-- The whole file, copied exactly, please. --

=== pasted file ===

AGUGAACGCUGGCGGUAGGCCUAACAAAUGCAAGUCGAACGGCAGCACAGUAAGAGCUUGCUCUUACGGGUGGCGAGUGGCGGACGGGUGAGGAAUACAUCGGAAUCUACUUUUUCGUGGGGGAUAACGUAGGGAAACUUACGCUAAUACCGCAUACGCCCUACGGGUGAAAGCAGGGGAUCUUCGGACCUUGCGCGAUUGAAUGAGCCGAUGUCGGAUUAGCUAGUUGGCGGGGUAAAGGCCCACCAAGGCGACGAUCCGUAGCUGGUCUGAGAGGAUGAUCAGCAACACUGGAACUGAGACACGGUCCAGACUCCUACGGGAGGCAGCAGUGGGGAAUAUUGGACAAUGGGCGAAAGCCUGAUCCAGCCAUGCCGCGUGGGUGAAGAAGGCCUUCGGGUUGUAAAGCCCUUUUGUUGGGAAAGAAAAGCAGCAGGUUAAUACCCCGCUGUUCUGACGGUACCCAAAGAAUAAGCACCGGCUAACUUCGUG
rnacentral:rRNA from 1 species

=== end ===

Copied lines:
AGUGAACGCUGGCGGUAGGCCUAACAAAUGCAAGUCGAACGGCAGCACAGUAAGAGCUUGCUCUUACGGGUGGCGAGUGGCGGACGGGUGAGGAAUACAUCGGAAUCUACUUUUUCGUGGGGGAUAACGUAGGGAAACUUACGCUAAUACCGCAUACGCCCUACGGGUGAAAGCAGGGGAUCUUCGGACCUUGCGCGAUUGAAUGAGCCGAUGUCGGAUUAGCUAGUUGGCGGGGUAAAGGCCCACCAAGGCGACGAUCCGUAGCUGGUCUGAGAGGAUGAUCAGCAACACUGGAACUGAGACACGGUCCAGACUCCUACGGGAGGCAGCAGUGGGGAAUAUUGGACAAUGGGCGAAAGCCUGAUCCAGCCAUGCCGCGUGGGUGAAGAAGGCCUUCGGGUUGUAAAGCCCUUUUGUUGGGAAAGAAAAGCAGCAGGUUAAUACCCCGCUGUUCUGACGGUACCCAAAGAAUAAGCACCGGCUAACUUCGUG
rnacentral:rRNA from 1 species